Much of the public receives its "education" from the media, social media, friends, or family. Most of the time the information given by the mainstream media is severely canted, or edited in such a way to cloak facts or generate ambiguity. Under the 2nd Amendment, there are no current controls over the "Freedom of the Press" component; therefore as educators, we at Command Presence ultimate goal is to present facts leaving it up to the individual to formulate his (or her) own idea/s.
That said, today's topic revolves around how a Bill becomes law in the United States. There is a lot of misinformation and rhetoric spread about what the President can, or cannot do. Understand the process of creating the bill and getting overall horsepower behind it to ultimately get to vote and to the President's desk is quite the journey. The steps on how Bills become law are listed below. Take this information and arm yourself with the knowledge necessary to not only educate others. But, to keep the levels of misinformation and inculcation of disproportionate reporting is minimal.
1. A member of Congress introduces a bill.
When a senator or representative introduces a bill, it is sent to the clerk of the Senate or House, who gives it a number and title. Next, the bill goes to the appropriate committee.
2. Committees review and vote on the bill.
Committees specialize in different areas, such as foreign relations or agriculture, and are made up of small groups of senators or representatives.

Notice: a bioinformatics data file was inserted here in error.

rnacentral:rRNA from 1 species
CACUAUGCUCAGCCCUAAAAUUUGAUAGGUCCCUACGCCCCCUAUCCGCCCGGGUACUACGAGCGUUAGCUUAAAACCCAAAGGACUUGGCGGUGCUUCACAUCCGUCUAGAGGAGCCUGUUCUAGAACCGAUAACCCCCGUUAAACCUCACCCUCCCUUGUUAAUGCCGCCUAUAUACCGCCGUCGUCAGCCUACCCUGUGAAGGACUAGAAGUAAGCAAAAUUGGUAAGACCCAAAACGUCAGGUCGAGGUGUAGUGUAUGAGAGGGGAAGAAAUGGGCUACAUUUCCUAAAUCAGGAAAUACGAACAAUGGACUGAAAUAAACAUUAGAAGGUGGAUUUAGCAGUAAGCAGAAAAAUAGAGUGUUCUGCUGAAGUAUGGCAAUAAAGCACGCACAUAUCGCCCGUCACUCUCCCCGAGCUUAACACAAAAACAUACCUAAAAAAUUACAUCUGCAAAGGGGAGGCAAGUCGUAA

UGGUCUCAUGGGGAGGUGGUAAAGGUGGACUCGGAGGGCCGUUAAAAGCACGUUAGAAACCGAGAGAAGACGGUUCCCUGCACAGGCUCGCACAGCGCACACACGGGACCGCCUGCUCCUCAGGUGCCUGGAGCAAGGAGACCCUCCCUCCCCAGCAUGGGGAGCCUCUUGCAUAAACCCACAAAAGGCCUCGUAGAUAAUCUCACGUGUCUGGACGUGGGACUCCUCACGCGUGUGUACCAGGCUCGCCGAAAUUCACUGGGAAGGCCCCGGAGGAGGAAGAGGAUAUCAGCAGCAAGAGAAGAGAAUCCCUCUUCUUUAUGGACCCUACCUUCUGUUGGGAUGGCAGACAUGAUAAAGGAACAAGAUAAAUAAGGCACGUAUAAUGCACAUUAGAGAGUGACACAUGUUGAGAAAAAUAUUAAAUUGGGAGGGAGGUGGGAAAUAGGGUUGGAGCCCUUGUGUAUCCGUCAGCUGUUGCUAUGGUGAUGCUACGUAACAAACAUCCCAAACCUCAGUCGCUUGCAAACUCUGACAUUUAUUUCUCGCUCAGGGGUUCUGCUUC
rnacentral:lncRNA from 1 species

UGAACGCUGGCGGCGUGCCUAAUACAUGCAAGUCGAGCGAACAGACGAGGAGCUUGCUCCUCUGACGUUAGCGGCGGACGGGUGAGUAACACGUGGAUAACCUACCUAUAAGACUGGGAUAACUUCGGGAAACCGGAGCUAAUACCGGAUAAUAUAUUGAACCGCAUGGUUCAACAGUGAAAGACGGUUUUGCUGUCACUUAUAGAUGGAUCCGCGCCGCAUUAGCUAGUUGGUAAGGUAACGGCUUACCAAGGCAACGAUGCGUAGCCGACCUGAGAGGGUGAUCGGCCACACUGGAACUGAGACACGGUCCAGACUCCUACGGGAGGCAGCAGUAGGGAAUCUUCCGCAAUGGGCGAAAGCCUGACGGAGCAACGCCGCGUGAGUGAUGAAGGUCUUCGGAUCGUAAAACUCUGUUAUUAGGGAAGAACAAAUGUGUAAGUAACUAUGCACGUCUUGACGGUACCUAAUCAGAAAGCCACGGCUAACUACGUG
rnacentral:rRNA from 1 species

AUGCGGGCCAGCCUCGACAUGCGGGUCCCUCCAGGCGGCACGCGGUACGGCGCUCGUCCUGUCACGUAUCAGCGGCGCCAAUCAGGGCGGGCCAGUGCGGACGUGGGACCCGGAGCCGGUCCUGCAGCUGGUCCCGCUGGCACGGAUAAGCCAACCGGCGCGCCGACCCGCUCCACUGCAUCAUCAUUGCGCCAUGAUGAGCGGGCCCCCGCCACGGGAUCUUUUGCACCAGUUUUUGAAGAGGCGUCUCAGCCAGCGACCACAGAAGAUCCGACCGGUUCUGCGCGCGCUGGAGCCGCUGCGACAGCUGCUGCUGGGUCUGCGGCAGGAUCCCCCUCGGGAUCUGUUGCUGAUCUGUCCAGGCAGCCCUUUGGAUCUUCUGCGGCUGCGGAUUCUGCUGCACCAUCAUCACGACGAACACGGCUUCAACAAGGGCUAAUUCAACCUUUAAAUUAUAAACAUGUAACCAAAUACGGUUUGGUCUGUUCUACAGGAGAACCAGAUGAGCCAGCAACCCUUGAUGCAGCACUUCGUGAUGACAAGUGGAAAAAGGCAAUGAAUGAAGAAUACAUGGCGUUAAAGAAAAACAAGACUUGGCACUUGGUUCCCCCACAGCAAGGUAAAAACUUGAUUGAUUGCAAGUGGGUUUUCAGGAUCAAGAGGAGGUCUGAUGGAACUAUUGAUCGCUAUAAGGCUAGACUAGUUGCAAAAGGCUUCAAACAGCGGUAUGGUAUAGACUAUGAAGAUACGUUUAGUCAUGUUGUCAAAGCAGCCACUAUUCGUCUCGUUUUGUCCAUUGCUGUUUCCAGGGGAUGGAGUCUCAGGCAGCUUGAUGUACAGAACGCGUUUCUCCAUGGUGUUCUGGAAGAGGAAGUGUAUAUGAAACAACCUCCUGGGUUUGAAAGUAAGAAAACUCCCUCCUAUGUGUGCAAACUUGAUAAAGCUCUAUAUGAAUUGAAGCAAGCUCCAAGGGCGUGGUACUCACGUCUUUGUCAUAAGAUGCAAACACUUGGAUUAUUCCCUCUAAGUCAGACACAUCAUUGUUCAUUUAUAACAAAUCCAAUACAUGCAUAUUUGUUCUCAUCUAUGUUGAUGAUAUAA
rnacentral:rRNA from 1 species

The committee may reject the bill and “table” it, meaning it is never discussed again. Or it may hold hearings to listen to facts and opinions, make changes in the bill and cast votes. If most committee members vote in favor of the bill, it is sent back to the Senate and the House for debate.
3. The Senate and the House debate and vote on the bill.
Separately, the Senate and the House debate the bill, offer amendments and cast votes. If the bill is defeated in either the Senate or the House, the bill dies.
Sometimes, the House and the Senate pass the same bill, but with different amendments. In these cases, the bill goes to a conference committee made up of members of Congress. The conference committee works out differences between the two versions of the bill.
Then the bill goes before all of Congress for a vote. If a majority of both the Senate and the House votes for the bill, it goes to the President for approval.
4. The President signs the bill—or not.
If the President approves the bill and signs it, the bill becomes a law. However, if the President disapproves, he can veto the bill by refusing to sign it.
Congress can try to overrule a veto. If both the Senate and the House pass the bill by a two-thirds majority, the President's veto is overruled, and the bill becomes a law.